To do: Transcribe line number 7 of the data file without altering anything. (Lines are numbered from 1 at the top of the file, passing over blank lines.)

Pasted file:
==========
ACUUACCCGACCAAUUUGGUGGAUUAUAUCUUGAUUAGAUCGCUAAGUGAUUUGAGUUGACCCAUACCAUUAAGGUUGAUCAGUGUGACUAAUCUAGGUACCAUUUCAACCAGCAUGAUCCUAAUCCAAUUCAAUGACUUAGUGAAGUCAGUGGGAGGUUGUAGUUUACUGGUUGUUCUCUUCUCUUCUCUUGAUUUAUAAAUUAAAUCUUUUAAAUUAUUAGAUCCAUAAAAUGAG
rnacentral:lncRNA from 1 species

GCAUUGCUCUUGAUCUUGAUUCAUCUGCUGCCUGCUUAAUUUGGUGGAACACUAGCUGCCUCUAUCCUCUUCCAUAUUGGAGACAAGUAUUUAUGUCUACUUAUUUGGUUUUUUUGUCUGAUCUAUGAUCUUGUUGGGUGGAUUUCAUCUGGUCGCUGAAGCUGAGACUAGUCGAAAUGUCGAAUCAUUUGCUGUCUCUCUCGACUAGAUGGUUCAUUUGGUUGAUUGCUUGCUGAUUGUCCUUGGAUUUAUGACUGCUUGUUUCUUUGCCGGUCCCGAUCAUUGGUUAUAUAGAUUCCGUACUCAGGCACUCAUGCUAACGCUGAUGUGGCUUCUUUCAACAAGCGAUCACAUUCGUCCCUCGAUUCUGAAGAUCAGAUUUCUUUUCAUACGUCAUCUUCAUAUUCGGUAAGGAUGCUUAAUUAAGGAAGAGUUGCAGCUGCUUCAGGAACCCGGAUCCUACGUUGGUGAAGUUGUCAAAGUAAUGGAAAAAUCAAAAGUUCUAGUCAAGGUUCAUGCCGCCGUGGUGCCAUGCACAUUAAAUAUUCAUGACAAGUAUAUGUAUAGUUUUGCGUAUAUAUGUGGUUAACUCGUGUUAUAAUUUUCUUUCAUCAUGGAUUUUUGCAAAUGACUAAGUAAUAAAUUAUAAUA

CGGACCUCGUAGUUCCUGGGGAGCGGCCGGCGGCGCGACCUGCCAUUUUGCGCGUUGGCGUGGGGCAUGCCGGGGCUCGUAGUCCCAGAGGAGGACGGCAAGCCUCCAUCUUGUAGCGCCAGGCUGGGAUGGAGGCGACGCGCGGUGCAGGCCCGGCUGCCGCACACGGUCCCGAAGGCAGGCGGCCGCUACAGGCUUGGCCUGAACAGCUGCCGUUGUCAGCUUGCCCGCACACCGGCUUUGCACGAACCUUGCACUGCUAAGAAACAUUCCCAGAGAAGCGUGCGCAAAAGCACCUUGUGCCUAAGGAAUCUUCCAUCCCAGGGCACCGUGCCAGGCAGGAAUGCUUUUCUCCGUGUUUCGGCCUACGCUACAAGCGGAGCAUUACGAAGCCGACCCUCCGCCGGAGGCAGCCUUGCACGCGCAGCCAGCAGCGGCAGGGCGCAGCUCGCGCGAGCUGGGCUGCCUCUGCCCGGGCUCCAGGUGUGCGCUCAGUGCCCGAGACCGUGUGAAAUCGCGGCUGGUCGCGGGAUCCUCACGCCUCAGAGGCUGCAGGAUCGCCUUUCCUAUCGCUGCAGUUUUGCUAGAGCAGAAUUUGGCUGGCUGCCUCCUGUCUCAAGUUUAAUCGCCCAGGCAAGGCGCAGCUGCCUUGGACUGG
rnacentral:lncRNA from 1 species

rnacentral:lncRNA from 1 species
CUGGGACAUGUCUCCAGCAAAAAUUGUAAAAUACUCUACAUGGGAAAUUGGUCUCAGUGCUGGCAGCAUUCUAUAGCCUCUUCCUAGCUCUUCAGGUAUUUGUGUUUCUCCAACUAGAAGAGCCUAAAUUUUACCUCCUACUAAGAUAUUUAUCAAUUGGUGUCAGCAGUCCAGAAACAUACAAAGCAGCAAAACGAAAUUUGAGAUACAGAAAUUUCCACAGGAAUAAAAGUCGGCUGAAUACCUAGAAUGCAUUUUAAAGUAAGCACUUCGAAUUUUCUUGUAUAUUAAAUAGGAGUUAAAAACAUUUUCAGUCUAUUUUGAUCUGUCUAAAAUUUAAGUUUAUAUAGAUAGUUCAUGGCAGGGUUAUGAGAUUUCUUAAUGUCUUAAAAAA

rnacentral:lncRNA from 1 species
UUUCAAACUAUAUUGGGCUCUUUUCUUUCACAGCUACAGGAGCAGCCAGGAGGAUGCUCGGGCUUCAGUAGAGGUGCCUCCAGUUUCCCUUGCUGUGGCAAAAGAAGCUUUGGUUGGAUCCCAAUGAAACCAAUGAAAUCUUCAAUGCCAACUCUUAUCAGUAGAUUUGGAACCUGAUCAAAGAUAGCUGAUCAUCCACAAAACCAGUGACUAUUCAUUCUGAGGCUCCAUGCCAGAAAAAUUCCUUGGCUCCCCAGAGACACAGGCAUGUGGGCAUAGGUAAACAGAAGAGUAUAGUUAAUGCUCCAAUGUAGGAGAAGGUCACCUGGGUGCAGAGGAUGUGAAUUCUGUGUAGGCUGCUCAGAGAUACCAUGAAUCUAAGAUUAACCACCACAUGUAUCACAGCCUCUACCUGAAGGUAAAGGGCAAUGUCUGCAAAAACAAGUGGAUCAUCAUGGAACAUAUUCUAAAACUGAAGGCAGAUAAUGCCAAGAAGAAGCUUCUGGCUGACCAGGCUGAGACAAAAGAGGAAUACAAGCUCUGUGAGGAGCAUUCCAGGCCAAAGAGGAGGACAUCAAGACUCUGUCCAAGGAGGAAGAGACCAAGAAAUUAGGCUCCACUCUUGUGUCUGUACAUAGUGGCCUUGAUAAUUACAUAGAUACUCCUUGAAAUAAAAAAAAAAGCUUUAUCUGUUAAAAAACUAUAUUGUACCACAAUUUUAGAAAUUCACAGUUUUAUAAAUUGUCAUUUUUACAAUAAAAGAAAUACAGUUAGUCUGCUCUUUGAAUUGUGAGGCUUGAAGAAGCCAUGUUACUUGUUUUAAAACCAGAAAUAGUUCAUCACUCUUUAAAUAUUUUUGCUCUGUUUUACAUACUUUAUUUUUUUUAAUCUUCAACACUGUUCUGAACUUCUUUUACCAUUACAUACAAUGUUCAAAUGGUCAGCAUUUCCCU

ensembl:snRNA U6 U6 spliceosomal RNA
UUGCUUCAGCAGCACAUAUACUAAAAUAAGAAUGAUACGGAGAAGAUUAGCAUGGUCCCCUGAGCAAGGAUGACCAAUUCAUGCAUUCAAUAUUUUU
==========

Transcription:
CUGGGACAUGUCUCCAGCAAAAAUUGUAAAAUACUCUACAUGGGAAAUUGGUCUCAGUGCUGGCAGCAUUCUAUAGCCUCUUCCUAGCUCUUCAGGUAUUUGUGUUUCUCCAACUAGAAGAGCCUAAAUUUUACCUCCUACUAAGAUAUUUAUCAAUUGGUGUCAGCAGUCCAGAAACAUACAAAGCAGCAAAACGAAAUUUGAGAUACAGAAAUUUCCACAGGAAUAAAAGUCGGCUGAAUACCUAGAAUGCAUUUUAAAGUAAGCACUUCGAAUUUUCUUGUAUAUUAAAUAGGAGUUAAAAACAUUUUCAGUCUAUUUUGAUCUGUCUAAAAUUUAAGUUUAUAUAGAUAGUUCAUGGCAGGGUUAUGAGAUUUCUUAAUGUCUUAAAAAA